La Via Campesina South Asia
Last month, a group of more than forty international activists from more than ten countries and four continents joined local farmers at Amritha Bhoomi. Amritha Bhoomi is the La Via Campesina Agroecology School for South Asia, located in Chamrajanagar, Karnataka, India and is an outcome of peasant struggle carried out by LVC member Karnataka State Farmers Association (KRRS). The international farmer-activists spent 5 days learning the Zero Budget Natural Farming (ZBNF) method directly from its propagator Shri Subash Palekar. ZBNF method has achieved popularity in the farming community across India, including Karnataka. Below please find some of their reflections.
We the participants of the ZBNF training at Amritha Bhoomi strengthened our commitment to Food Sovereignty and Peasant’s Agroecology, and within this political-technical framework, we appreciate the merits of the ZBNF method taught at Amritha Bhoomi Agroecology School of La Via Campesina – South Asia.
The ZBNF method of farming, promoted by Shri Palekar and thousands of farmers practicing this method, reminds us of indigenous methods in our countries, passed on from generations to generations. We are reminded, as Masanobu Fukuoka thought, that Nature is our teacher and humanity must learn to ask her questions. We believe farmers are especially skilled in interpreting Nature’s responses, which vary based on agro-climatic regions. Thus, farmers are key in the production of time-tested knowledge that protects and strengthens biodiversity, and therefore life itself. We must ensure that this peasant knowledge spreads through our networks, movements, schools and communities.
The ZBNF method of farming gave us solid, scientific and tested grounds to answer the allegation of the mainstream industrial agriculture. We are returning home enriched!
We especially appreciate Shri Palekar’s commitment to changing farmers’ mindsets. He spends quality time not only on technique, but also on philosophy. From experience we know that changing farmers’ mindsets is difficult. His workshop increased our confidence in mobilizing farmers, and also inspired us about the positive role a charismatic, accessible, and down-to-earth teacher can play in the propagation of peasant agroecological methods.
We also appreciate Shri Palekar’s commitment to rural autonomy and local economies. His commitment to demarketization of the mind, combined with his pedagogical methods described above, will have lasting effects on rural communities. We must reduce farmers’ dependency on the market, especially those who are in very precarious and vulnerable positions, and we return to our homes with renewed confidence in doing so.
We plan to carry the ZBNF method to our countries – testing, adapting, growing and feeding back as required. Though direct replication will be a challenge, it is our task now to localize the ZBNF method and translate it to our contexts, and spread whatever learning we produce among our movements. For example, in Sri Lanka, LVC member MONLAR along with other local organizations have already shared success of ZBNF in their country: translation of books into their language; independent research and scientific validation of ZBNF principles; spreading of ZBNF among male and female farmers, including landless laborers from tea plantations. In order to carry forward this plan, we commit to holding ZBNF workshops in Bangladesh, North India, and to further publications and translations of ZBNF books.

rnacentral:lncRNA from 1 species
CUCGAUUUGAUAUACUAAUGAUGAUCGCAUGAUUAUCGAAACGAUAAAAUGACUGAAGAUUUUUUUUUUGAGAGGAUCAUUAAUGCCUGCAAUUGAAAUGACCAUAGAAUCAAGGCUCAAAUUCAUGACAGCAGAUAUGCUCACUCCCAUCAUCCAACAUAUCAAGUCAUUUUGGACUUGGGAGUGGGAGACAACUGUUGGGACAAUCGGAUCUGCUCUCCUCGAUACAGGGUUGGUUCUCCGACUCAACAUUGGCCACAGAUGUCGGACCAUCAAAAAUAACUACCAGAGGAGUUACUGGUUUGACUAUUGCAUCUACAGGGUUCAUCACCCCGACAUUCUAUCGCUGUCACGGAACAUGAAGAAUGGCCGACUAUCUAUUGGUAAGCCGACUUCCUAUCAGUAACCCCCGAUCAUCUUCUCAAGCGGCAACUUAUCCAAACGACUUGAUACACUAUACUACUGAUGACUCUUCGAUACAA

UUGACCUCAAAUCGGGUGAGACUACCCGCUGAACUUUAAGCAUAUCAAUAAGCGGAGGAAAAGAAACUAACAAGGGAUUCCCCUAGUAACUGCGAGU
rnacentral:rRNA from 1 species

We see the potential of ZBNF to truly help farmers facing agrarian crisis, such as farmers in Bangladesh who prefer to ‘dump’ their unsold produce than transport it home, as they cannot afford the return journey. ZBNF is also especially critical in India where an epidemic of farmer suicides derived from market dependency and cash crop dependency affects all of us, especially Karnataka. Such crises face rural communities on the international level as well, and in our struggle constructive methods such as agroecology are indispensable.
To spread agroecology we must develop the organizational structures of our movements. For example, leadership structures for natural farmers’ wings, and commitment by all members of the political leadership to carry out agroecological methods in their fields! We want also to support through our organizations the strengthening of a solidarity economy: through local markets, solidarity networks of producers and consumers, etc.
Agroecology will be carried forward as “emerging agriculture” in the face of industrial agriculture by none other than rural youth. Their protagonism in our struggles must be supported and respected in order to develop their economic, social, and cultural resilience.
We continue to link our peasant resistance and knowledge with the resistance to the destructive forces of industrial agriculture. For example, we resist the growing push for more GMOs in many of our countries (and in India in particular with the current struggle against commercialization of GM Mustard). We also continue our activism on other pressing issues such as energy and climate disruption. On climate disruption we are preparing our mobilization for the coming COP 21 Paris conference: as La Via Campesina says – Peasant Agroecology cools the planet! We must carry this message and face against the forces of green capitalism that attempt our co-option.
Finally, we leave our well wishes with Amritha Bhoomi agroecology school of La Via Campesina – South Asia, a place where the strength to combat the agrarian crises can be developed, potentialized, and internationalized!
Participants ZBNF Training at Amritha Bhoomi
October 28-November 5, 2015